OTB#48: Pickpocket


Pickpocket. Robert Bresson. 1959. ⚅

Oh, I’ve got this both on DVD from Artificial Eye and bluray from Criterion…

I’m watching the Criterion release.

OH MY EMACS! Bresson is straight from the screen into my pretentious mind. Those affectless deliveries! The moral quandaries! Those French hairstyles! It’s just pure fabulousness. I’m there from the first frame to the last.

It’s 230% riveting. This movie is PURE EXCITEMENT! MY HEART IS POUNDING IS IT THE COVID NO IT”S THE MOVIE.

[…]

THIS IS A LIE.

It’s the most thrillerey thriller ever.

Bresson is still hyper-modern; i.e., his style hasn’t arrived yet, but it must some day.

OK, the last fourth is a bit of letdown.

Oh, this one has a lot of leftover liqueurs. It’s all liqueurs! I B Damm’d.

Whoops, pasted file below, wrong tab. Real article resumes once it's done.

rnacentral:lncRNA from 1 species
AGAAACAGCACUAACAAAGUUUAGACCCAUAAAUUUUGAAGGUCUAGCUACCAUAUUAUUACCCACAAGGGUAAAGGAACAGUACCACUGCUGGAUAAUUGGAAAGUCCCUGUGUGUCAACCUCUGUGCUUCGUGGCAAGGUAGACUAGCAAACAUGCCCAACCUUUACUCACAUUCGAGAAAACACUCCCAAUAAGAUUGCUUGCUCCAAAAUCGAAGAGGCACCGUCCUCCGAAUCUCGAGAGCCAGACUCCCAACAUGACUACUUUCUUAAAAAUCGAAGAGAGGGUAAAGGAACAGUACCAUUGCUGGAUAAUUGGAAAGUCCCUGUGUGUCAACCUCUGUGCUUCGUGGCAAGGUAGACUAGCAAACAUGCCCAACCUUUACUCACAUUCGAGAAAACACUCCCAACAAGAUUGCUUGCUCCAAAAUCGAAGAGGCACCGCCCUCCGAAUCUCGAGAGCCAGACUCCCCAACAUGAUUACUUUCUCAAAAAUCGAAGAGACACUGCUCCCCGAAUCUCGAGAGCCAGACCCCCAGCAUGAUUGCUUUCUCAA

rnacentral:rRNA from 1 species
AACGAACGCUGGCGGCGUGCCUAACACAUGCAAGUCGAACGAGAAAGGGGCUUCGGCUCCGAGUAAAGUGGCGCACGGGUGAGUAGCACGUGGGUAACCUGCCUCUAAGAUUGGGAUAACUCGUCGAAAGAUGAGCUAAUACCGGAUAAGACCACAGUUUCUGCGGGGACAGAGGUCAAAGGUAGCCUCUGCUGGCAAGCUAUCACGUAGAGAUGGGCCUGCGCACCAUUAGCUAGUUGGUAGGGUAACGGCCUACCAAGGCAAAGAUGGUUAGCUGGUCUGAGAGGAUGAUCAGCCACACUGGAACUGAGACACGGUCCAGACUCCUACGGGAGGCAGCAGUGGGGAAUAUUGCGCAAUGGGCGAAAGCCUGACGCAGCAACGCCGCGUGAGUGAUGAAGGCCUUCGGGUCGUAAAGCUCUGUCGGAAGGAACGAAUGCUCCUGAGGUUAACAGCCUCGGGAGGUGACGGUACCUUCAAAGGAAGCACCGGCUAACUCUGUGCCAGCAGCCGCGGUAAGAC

Hm… I had expected something super-flavourful, but the liqueurs weirdly cancel each other out.

This blog post is part of the Officially The Best series.

2 thoughts on “OTB#48: Pickpocket”

  1. Only pickpocket movie I have seen – Harry in your Pocket – has this in Roger Ebert’s review:
    Geller’s TV shows were good at explaining complicated situations, but nowhere in the movie does he really show us the actual techniques of pocket-picking as well as Robert Bresson did in “Pickpocket” (1959). In that one, the camera moved right in, and we saw how the folded newspaper in the crowded subway car can be manipulated so that while the cannon merely seems to be turning the pages, he actually is into the mark’s front vent kick and out with the poke. Geller’s camera never gets that close or sees that much.
    Affectless. That’s a word. New to me.
    Must be quite a booze cabinet you have there, what with all these “leftover” liqueurs.

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